As the autumn darkness creeps in and the bare branches of the trees sway in the wind like expressionless creatures, it is almost impossible not to imagine ghost stories, dreadful places or myths and legends. Here, we have gathered a number of stories of Halmstad; which are true and which are legends, we leave it for you to decide.
Meet the kind ghost Moberg at Fjelldalen's Castle, the Danish admiral Peder Tordenskiold at Sperlingholm's castle and the wraith in Årnaböke.
Moberg the friendly ghost lives at Fjelldalen Castle. Spectre Moberg is in the habit of rearranging the old trunks in the attic, but he is not averse to wandering around the rest of the castle. One is never left in doubt as to whether it is the ghostly Moberg one hears, as he makes a very particular sound. Moberg had a wooden leg, you see!
In his cups after a harvest festival held at the castle, Moberg fell asleep on the old railway line that passed just outside the grounds. Moberg survived this misadventure, but his leg did not. The old landowner allowed Moberg to remain on the estate, helping with simple chores.
In 1720, a duel took place in Germany between Danish Admiral Peder Tordenskiold and the Swedish Colonel Jacob Axel Staël von Holstein. The Danish admiral lost the duel, falling to a fatal thrust from Jacob Axel’s rapier. The admiral’s own rapier later found its way into the weapon collection at Sperlingsholm House, where it lives a life of its own, changing position on the wall where it hangs and even floating in mid-air. They say that this is the work of the vengeful spirit of Admiral Tordenskiold himself.
The oak stake in Årnaböke
In Årnaböke in Breared Parish there is a marsh in an area known locally as the horse pasture. They say that the marsh was once haunted by a wraith. In the middle of the marsh was a large oak stake and anyone who touched it became very ill. The oak stake is gone now but you can still see the remnants of sticks and branches thrown by passers-by to hide it from sight. Some local people still fear the place and the legend of the old stake.
Some places may have a more horrible past than others. Here we have collected four places with a terrible story to tell.
Execution site at Galgberget
A bone’s throw from central Halmstad is Galgberget, a hill formed by glacial deposits. In Swedish, Galgberget means Gallows Hill, a name that brings to mind the ghastly spectre of the death penalty. Executions were already being carried out on the site when Halmstad was part of Denmark and the earliest evidence dates back to the seventeenth century. A map from the period depicts a gallows just northwest of Norre Port, the northern gate to the city. Although we do not know exactly where on the hill the gallows lay, if you ever find yourself up there among the beech trees and hear the leaves whispering, listen with extra care to what they say.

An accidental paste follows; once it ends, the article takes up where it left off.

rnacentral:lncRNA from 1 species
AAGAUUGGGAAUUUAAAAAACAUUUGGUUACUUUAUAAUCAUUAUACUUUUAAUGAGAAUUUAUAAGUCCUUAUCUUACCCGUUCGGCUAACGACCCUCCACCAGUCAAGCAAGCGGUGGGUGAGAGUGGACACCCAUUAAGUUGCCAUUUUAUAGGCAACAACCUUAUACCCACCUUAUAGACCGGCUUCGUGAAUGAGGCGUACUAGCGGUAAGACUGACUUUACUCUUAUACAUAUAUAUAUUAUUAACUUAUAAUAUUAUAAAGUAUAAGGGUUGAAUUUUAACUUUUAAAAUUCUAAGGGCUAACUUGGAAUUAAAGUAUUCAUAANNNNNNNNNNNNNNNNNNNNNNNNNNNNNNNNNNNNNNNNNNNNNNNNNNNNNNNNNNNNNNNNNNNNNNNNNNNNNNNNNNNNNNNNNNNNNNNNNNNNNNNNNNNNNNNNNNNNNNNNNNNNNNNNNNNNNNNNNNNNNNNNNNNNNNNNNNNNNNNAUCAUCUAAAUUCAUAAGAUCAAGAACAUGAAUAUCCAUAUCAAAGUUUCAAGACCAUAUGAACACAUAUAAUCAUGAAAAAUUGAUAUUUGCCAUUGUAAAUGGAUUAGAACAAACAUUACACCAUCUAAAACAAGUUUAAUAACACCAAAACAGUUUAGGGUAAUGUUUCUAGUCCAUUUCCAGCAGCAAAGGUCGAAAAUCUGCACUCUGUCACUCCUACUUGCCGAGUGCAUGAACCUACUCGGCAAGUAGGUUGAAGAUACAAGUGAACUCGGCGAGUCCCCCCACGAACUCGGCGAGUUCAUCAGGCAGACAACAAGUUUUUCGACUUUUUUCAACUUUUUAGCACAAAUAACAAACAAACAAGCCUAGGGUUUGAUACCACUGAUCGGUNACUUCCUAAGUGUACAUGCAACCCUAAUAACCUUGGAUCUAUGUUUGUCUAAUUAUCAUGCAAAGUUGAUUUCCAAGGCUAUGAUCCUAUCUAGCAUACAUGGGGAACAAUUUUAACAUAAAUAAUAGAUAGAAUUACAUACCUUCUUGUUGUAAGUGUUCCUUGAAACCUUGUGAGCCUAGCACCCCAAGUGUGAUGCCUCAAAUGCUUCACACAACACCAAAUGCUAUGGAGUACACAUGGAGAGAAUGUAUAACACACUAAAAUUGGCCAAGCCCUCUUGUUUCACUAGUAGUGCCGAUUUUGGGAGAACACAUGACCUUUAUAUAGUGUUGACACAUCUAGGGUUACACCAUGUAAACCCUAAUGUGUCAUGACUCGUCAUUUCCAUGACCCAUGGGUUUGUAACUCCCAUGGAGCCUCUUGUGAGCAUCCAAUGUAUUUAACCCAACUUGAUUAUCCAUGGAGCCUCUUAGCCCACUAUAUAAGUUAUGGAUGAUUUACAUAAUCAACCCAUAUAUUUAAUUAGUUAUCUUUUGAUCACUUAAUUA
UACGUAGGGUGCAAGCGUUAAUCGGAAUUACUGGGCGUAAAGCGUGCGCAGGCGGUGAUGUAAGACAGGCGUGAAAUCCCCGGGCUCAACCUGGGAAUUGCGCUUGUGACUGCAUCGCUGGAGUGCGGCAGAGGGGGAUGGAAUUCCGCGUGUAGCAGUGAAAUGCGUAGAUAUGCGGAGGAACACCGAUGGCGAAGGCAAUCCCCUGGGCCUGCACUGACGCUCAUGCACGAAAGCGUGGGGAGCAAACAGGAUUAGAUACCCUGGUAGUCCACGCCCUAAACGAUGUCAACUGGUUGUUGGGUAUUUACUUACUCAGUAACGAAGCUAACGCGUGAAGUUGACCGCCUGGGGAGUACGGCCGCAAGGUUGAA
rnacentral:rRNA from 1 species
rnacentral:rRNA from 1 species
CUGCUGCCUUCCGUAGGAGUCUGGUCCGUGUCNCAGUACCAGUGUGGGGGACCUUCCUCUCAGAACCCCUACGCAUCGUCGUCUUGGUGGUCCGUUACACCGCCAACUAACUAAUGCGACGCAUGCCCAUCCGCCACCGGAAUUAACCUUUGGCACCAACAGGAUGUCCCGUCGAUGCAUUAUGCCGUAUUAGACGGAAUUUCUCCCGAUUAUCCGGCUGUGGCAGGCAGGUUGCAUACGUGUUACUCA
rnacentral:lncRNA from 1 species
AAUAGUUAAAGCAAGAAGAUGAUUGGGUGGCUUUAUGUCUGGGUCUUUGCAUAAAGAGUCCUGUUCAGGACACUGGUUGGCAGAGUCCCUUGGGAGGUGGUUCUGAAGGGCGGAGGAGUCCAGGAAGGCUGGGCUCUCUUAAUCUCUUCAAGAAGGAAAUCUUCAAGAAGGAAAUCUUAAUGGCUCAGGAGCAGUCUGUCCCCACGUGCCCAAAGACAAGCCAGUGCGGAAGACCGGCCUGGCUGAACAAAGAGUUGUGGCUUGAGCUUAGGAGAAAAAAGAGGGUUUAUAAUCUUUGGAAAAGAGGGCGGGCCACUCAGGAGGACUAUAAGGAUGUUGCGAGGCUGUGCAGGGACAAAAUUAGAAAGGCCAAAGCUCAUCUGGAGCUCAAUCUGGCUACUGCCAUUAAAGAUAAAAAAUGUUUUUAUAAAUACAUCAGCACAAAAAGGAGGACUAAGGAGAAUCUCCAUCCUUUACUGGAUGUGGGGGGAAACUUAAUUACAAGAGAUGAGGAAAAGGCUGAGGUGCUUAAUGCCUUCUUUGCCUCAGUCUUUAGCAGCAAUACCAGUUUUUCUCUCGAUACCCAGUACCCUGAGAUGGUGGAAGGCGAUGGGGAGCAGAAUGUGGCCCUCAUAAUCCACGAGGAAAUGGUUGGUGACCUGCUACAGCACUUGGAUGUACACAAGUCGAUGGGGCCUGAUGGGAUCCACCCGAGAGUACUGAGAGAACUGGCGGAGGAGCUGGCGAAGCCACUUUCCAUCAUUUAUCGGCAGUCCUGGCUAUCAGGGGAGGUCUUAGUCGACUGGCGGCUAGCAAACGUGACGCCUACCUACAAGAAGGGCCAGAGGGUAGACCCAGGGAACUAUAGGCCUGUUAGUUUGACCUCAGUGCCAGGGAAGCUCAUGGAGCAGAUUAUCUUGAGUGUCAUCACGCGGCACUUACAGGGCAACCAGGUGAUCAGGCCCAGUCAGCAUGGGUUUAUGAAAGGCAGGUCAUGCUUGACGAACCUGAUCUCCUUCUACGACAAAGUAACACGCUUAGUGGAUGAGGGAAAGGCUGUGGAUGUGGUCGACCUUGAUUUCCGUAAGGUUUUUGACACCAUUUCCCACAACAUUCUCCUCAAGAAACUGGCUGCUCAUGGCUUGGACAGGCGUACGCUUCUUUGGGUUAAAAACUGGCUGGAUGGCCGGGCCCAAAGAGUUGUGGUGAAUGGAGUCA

The cliff at Virsehatt
From the top of the hill Virsehatt you can enjoy magnificent views across the Sennan Valley and all the way to the sea. It is said that in antiquity the hill was the site of ritual senicide. When they could no longer support themselves or contribute to the community, the elderly were forced to throw themselves down the sheer cliff face. While it is unclear whether or not this is true, on the crest of the hill there are hollows with cup marks dating from the Bronze Age, suggesting that if nothing else Virsehatt was some form of sacrificial site.
Dungeon and execution site in Kvibille
The delightful village of Kvibille is full of ancient and exciting history and tales, beautifully signposted along the four kilometres of the Kvibille Cultural Heritage Trail. Among other things, you can descend into the dungeon and read the story of farm labourer Johan Jacob Olsson Qwick, the last person to be executed in Kvibille.
Go back in time and allow yourself to imagine the damp and cold you might have experienced if incarcerated here in the nineteenth century. You can then follow the trail to the execution site on which that same labourer was beheaded. Imagine the macabre amusement of the local inhabitants, as maids and farm labourers were granted an extra day off and gathered with their masters to witness the execution.
The Battle of Fyllebro
One of the decisive battles in the Scanian War between Sweden and Denmark was fought on 17 August 1676 at Fyllebro, just outside Halmstad. The battle gave rise to many tales, among them that of Johan Friedrich Lützow.
Lieutenant Colonel Lützow was a German fighting with the Danes who, legend has it, single-handedly killed 17 Swedish soldiers in defence of a bridge over the River Fylle. He is said to have stood his ground while his comrades fled. His bravery was such that the Swedes later honoured him with a monument, which you can still visit today. It bears the inscription: Wounded but Fighting, the Valiant Lützow Fell here in the Field on 17 August 1676.
During the same battle, elements of the Danish army are said to have fled along the shore of the River Fylle, seeking refuge in woodland beside a waterfall, the Swedes hot on their heels. As the fleeing troops ran across a suspension bridge, the Swedes cut the ropes, sending both the bridge and the Danes plummeting into the water. Today, the waterfall is called the Danish Falls. In the middle of the river there is a large rock, called the King’s Stone in honour of the victorious Swedish monarch, Charles XI.
Information in the map is in Swedish. Click the icon in the top right corner of the map to open in Google Maps. To view and hide different layers, as well as to see all places, click on the icon in the top left corner of the map.
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